Thanks for a great People's Forest Forum

On a gloriously sunny Saturday, more than 100 people filled the Sunnyside Community Center to discuss the future of Mt. Hood National Forest at the People’s Forest Forum (event details below).  Attendees learned about fire ecology, the impacts of climate change on forests, how recreationists can become forest advocates, and why the outdated 27-year old forest management plan needs to change!

Participants shared these reflections after the Forest Forum: 

  • “ I learned the Pacific NW Forests have the greatest biomass and carbon sequestration potential of all Earth’s forests.”
  • “Hearing how diverse communities view public land and forests was very interesting.”
  • “Why is logging and road building allowed in drinking watersheds?”
  • “Fire ecology is critical for Pacific Northwest Forests.”
  • “All of the topics were very informational, and I look forward to seeing how the conversation grows from here.”

We also look forward to seeing how the conversation goes from here and to keeping you involved in improving forest management on Mt. Hood National Forest! 

We deeply appreciate everyone who participated in the Forest Forum and want to send special thanks to the Bark volunteers who helped make the event possible, the break-out table hosts, and our keynote presenters: John Talberth, Center for Sustainable Economy; Heejun Chang, PSU; Maya Jarrad, 350PDX; and Adam Baylor, Mazamas. We couldn't have done it without you!

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You are invited to the People’s Forest Forum for Mt. Hood National Forest on Saturday April 15, 2017 at Sunnyside Community House. Join Bark staff and volunteers to address the critical need to expand environmental protections for Mt. Hood National Forest to prepare for regional climate instability. With mounting political obstacles to ecologically-based management, the public must create our own effective and transparent avenues to have a hand in the future of Mt. Hood National Forest. RSVP HERE!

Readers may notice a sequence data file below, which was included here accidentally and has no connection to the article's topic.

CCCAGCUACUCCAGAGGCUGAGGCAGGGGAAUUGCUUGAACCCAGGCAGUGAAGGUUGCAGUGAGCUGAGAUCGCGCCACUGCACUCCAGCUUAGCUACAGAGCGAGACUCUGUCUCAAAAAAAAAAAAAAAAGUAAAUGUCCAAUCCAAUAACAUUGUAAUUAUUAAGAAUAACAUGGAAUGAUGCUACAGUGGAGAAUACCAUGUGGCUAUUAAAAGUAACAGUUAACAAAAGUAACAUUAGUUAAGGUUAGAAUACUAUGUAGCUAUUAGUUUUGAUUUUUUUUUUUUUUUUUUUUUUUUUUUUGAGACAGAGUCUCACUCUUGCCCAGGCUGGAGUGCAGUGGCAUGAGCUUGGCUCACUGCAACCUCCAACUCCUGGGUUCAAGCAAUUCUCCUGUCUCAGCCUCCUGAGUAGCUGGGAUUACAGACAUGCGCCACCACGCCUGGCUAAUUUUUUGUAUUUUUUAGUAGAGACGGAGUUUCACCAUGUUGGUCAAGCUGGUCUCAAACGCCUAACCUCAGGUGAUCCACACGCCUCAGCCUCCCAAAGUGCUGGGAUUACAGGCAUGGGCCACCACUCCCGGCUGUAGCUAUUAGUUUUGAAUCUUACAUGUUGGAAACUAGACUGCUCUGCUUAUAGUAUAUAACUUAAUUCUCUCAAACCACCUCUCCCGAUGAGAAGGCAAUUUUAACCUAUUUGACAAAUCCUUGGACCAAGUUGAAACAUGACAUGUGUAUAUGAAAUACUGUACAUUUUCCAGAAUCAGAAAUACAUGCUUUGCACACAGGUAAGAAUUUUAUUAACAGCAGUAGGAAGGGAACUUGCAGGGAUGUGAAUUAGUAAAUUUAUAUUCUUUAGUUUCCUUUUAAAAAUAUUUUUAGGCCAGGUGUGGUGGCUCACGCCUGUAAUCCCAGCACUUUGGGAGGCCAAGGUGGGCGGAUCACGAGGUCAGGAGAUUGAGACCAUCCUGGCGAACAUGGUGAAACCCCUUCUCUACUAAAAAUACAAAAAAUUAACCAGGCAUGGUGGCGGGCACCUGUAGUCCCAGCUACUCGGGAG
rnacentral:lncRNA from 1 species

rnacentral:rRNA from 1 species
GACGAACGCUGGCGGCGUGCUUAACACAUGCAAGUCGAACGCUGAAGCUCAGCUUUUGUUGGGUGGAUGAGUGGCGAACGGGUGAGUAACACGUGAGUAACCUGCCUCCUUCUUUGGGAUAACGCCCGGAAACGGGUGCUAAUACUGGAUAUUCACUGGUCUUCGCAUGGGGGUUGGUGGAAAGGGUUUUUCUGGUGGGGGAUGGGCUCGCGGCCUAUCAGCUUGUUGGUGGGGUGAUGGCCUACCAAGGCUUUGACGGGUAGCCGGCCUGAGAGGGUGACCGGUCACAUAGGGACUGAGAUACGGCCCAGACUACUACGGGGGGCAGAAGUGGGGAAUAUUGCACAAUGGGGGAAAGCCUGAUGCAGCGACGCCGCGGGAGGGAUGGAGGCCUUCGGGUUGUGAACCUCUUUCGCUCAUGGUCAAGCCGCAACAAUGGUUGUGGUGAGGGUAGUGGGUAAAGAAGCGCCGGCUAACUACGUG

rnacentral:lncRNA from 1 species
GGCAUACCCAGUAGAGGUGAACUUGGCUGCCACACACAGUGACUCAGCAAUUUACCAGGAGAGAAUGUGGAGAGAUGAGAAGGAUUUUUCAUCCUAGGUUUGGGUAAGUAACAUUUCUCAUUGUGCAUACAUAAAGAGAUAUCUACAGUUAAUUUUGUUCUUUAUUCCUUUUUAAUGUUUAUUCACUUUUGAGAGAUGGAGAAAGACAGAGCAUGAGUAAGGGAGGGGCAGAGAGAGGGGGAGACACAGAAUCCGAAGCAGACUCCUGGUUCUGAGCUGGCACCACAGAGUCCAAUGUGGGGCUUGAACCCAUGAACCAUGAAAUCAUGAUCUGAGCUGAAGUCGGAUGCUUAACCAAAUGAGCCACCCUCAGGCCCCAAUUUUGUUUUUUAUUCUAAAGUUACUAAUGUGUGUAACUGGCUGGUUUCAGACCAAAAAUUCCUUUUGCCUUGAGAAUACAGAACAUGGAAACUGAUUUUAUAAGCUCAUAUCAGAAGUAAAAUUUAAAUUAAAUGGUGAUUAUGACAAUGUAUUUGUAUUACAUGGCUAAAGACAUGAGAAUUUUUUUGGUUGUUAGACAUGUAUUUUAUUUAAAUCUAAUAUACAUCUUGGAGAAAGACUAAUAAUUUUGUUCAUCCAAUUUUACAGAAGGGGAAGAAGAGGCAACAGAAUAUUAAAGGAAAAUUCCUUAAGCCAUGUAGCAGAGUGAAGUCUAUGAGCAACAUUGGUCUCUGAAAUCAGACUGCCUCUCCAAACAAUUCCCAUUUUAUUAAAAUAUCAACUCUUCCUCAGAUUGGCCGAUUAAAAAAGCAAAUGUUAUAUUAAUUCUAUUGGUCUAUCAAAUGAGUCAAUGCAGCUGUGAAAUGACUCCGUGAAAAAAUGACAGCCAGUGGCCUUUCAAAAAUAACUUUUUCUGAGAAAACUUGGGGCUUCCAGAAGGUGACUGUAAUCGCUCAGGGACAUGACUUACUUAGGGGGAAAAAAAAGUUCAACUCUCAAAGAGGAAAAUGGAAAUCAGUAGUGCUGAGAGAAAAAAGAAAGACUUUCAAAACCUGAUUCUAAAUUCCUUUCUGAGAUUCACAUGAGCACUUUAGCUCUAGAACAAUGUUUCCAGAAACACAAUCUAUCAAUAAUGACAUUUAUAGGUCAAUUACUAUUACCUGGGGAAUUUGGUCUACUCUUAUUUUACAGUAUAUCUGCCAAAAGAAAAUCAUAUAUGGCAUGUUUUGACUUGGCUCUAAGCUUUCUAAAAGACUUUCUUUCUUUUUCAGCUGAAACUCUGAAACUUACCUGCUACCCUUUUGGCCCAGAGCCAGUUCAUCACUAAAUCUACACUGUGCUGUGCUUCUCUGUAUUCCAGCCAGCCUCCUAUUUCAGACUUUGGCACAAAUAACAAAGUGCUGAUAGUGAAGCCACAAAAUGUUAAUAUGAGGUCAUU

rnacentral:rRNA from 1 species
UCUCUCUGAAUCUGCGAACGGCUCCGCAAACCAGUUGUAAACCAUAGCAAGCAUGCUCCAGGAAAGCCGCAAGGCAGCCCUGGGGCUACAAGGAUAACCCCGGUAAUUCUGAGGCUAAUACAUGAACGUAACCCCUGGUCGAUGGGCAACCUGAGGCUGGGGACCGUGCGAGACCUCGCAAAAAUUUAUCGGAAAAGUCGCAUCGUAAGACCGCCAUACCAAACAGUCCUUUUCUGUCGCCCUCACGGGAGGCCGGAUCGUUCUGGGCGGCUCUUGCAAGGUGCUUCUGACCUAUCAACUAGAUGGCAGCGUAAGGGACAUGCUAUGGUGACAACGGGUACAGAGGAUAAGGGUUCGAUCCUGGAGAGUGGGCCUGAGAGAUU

Focusing on climate change, clean water and recreation, the Forum will offer expert speakers and presentations, facilitated break-out groups and informal discussions, creating space and resources for participants to engage in defending and restoring local public lands.  We will share, learn, and build the necessary resources to amend the Mt. Hood National Forest Plan.

Bark will be using the information generated at the Forum to develop recommendations for substantial improvements to the outdated Mt. Hood National Forest management plan and your input is crucial!

Details:

10:30 am: Doors

11 am – 1:45 pm: Welcome, and brief presentations covering Forests & Climate Change, Water & Aquatics, Recreation on Public Lands, and the need to change Mt. Hood National Forest’s outdated management plan. Keynote speakers include:

1:45 – 2:35: Lunch & informal conversation (bring your own lunch, Bark will provide snacks).

2:30 – 4:10 : Two rounds of break-out discussions covering topics such as:

  •     Forest resilience in a changing climate: How will plant & animal habitat move and change?The People's Forest Forum
  •     Fire management: How does fire shape ecosystems, and how is climate change shaping fire?
  •     Water as habitat: What are the current and future threats to aquatic species?
  •     Recreation economy: How does the specialized recreation community leverage its economic power for forest advocacy?
  •     Conservation and Social Justice: How can we ensure diverse communities are influential in public lands decision-making?
  •     Feelin’ Good?: How do public lands and climate change affect public health?
  •     Water for People: How the changing climate will impact Mt. Hood’s water and our communities.
  •     Forest Carbon Cycle: How do forests sequester, store, and release carbon?
  •     The Need for Change: Mt. Hood forest management issues, problems, and goals for the future.
  •     Prioritizing recreation in Mt. Hood’s Future: What are the benefits and barriers?

       
    Each break-out discussion will have two sessions to allow participants to attend two topics.

4:20 – 5 pm: Reports from break-out discussions and closing

Speakers and discussion leaders include representatives from Physicians for Social Responsibility, World Salmon Council, Center for Sustainable Economy, The Soil Not Oil Coalition, Bark, 350.org, Mazamas, Living Cully, and the Cascade Forest Conservancy.

Child care will be provided.  Please contact Bark, 503-331-0374, with any questions.